The Future of Work is a Rorschach Test - What Do You See?

Look into the future. Stare at it. Let your mind wander. Tell me, what do you see?

Do you see possibility, opportunity, a blank canvas on which you can create your masterpiece? Do you see unchartered lands, full of new riches and new victories? Do you see adventure, excitement, fun? Do you see challenges to test you and be overcome? Do you see a vacuum that you can fill? Do you think tomorrow will be better than today? Better than yesterday?

Or, do you see danger? Risk? Do you see atrophy and decline? Do you worry that you’ll have trouble hanging onto the good things you have now? Do you see tougher times ahead? Do you see a world that’s changing in ways you don’t quite understand and in ways that don’t feel quite right? Do you secretly think that perhaps today is as good as it’s going to be and tomorrow is sure to be worse?

Do you think that self-driving cars will reduce death and destruction and grief and pain? Or will they destroy livelihoods and force more people into despair and the grip of opioids?

Will Artificial Intelligence open new frontiers in commerce, science, medicine, and exploration? Or will it decimate the middle classes and leave them as modern day Tom Joads?

Are cell phones incredible tools bringing the riches of the world into our kids’ lives? Or are they ruining a generation? Poaching them in ugliness and the very worst aspects of mankind?

Do you see Amazon as David? Or Goliath? Is AWS democratizing access to talent (who needs to hire a data scientist at $1m per year when you can get a machine learning API for 0.35 cents a CPU cycle) or cutting the legs out from all of the kids rushing to Stanford to get qualified (at huge cost) to take those $1m a year jobs?

Is Uber cool? Or a new overlord in waiting?

Is the rise of design thinking long overdue? Or a new hurdle that you’ll never be able to overcome?

Is making America great again great? Or terrible?

Are the rise of microservices a huge new latent market to exploit? Or another nail in the coffin?

Will the Internet of Things open up unthought-of ways of creating value and generating wealth? Or take us another step closer to 1984?

Will you be happier, more fulfilled, more energized, and better paid in the next few years? Or more anxious; more defensive? Hanging on for dear life to make it the finish line?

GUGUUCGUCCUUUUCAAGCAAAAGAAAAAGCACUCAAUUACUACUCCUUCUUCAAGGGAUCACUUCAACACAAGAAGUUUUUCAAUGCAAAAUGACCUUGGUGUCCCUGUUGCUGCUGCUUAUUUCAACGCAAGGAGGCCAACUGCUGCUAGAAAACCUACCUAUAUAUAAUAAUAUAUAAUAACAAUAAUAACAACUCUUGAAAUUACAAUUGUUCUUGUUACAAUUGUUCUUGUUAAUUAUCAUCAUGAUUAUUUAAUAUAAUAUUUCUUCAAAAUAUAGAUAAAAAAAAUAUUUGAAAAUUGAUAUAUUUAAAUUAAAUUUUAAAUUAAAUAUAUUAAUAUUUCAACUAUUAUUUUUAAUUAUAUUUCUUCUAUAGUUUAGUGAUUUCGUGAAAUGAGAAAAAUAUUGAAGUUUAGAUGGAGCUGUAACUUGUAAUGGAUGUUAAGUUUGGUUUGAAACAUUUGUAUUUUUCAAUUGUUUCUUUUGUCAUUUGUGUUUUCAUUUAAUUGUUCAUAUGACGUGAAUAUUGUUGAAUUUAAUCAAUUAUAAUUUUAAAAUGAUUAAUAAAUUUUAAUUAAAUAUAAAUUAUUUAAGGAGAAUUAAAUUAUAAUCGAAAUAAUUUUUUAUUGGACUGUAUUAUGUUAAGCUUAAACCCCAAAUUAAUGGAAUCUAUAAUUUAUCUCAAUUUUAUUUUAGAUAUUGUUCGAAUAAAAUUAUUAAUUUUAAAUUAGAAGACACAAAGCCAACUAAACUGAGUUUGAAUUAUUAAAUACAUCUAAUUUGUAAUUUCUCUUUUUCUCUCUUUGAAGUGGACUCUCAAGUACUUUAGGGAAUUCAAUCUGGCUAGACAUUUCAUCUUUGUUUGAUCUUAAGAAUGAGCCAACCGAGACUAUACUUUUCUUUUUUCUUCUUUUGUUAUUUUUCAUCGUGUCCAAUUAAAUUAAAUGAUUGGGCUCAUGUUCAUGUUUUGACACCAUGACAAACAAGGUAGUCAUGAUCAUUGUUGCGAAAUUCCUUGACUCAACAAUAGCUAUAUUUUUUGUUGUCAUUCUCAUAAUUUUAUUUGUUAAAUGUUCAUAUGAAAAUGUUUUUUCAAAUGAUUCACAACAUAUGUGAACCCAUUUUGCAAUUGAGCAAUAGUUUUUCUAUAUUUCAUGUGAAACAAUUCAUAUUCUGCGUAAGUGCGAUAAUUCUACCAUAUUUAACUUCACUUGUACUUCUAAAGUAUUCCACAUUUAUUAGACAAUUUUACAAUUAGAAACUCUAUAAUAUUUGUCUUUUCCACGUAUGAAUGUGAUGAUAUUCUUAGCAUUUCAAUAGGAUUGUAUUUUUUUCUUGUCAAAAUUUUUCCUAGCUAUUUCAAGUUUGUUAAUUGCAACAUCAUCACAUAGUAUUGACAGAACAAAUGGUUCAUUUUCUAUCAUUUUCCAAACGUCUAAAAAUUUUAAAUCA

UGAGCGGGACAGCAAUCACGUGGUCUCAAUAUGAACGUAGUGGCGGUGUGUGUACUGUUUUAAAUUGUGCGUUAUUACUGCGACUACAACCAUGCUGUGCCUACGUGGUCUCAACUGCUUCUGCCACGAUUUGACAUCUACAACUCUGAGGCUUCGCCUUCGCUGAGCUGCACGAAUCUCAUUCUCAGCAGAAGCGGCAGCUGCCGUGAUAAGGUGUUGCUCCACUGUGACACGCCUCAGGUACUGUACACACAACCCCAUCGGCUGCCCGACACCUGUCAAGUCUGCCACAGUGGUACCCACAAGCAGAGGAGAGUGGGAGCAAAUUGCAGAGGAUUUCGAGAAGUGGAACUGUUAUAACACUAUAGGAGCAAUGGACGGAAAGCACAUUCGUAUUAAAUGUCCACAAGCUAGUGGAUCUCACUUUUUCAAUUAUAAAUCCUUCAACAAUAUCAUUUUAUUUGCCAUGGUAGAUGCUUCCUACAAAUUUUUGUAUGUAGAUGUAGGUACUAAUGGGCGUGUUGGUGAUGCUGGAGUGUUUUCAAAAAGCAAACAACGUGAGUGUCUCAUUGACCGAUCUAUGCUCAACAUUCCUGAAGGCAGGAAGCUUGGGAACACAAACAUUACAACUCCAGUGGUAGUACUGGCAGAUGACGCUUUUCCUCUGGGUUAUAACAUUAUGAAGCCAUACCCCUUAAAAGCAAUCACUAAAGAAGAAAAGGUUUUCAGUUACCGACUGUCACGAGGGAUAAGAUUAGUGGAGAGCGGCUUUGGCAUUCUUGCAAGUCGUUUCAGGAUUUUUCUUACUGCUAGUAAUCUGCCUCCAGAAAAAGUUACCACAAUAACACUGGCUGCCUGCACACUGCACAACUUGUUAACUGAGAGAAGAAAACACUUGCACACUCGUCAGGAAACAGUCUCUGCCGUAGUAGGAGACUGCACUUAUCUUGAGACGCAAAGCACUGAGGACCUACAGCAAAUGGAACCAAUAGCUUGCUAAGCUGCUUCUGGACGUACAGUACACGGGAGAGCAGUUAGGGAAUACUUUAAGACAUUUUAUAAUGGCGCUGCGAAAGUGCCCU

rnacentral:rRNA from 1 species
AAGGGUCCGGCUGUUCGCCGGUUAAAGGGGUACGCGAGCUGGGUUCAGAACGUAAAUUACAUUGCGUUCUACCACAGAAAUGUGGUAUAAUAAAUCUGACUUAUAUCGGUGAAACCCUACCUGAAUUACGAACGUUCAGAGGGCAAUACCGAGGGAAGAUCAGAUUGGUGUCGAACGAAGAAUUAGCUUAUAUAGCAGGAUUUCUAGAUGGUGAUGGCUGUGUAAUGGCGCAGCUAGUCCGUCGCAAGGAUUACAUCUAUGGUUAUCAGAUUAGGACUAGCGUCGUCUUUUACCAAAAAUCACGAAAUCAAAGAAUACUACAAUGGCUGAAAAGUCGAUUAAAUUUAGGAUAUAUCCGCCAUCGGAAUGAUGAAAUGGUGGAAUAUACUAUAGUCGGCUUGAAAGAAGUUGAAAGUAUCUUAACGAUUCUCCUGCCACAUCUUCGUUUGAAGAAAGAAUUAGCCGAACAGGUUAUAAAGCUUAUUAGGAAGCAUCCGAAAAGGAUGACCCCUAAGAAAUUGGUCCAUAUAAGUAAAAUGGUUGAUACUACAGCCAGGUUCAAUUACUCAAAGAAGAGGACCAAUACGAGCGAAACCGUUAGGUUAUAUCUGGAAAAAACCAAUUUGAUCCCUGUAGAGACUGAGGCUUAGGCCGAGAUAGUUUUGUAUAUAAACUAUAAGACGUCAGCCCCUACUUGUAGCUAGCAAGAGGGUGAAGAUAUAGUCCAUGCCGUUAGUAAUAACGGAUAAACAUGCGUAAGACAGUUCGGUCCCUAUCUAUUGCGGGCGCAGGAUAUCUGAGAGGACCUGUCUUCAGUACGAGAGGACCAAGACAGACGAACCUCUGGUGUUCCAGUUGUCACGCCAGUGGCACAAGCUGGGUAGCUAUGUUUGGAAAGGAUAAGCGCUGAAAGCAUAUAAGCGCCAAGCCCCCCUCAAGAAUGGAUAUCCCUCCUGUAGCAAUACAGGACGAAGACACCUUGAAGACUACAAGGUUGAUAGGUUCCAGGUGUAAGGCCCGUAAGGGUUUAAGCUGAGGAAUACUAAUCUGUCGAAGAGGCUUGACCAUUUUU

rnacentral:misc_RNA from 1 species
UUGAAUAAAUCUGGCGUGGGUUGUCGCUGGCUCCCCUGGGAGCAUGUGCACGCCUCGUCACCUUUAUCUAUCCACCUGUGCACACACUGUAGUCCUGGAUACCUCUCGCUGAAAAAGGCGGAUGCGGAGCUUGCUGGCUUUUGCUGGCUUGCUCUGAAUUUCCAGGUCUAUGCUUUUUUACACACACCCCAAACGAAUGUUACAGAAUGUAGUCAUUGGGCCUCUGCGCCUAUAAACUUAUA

On my travels over the last 18 months or so the majority of people I’ve talked, worked, and interacted with see a very dark future ahead.

As they look at the ink-blot of the future they see loss, decline, hard yards. They see terrorism, disintegration, fanaticism. They see a world changing faster than ever with leaders ill equipped to grapple with root causes and generate meaningful solutions.

They see the next waves of technology as disturbing and unsettling. Increasingly a curse not a blessing. They see the ever increasing pressures of capitalism as a tightening noose. They see the future of work as work.

If JFK’s New Frontier was the height of western optimism we may be approaching a new low in western pessimism.

Most business leaders see digital disruption as a threat.

Most political leaders see globalization as a threat.

Most cultural leaders see nothing beyond the short term needs of the lowest common denominator.

As Professor Nicholas Drain Lowe of Brentford University puts it, “Where are the strong, and who are the trusted, and where is the harmony?”

In a Rorschach Test there are no right answers. The test simply tries to tease out how you see and think about the world. (For more background on Hermann Rorschach and his work, see this new book ).

In the Future of Work Rorschach Test there are no right answers. And of course the real answer to most of the question posed above is “both”.

But what my travels tell me is that – at the point when we are building the future that writers, and academics, and scientists, and movie makers have been dreaming of – fewer and fewer people have the courage, the optimism, and strength to still believe in the future and make it come true.

The future that we have sketched out in What to Do When Machines Do Everything is a future in which healthcare is better, education is better, government services are better, and wealth is more evenly distributed. We believe that in another generation we will look back at 2017 and laugh (or cry) at how bad many things were and how much we put up with. The “great digital build out” that is accelerating – powered by AI and next generation smart “things” – is going to see us build a future that is, by any objective standard, better than the world of today. In doing this, the work that we do – and yes, there will still be plenty of work for us to do – will be better, more enjoyable, and more lucrative than work has ever been.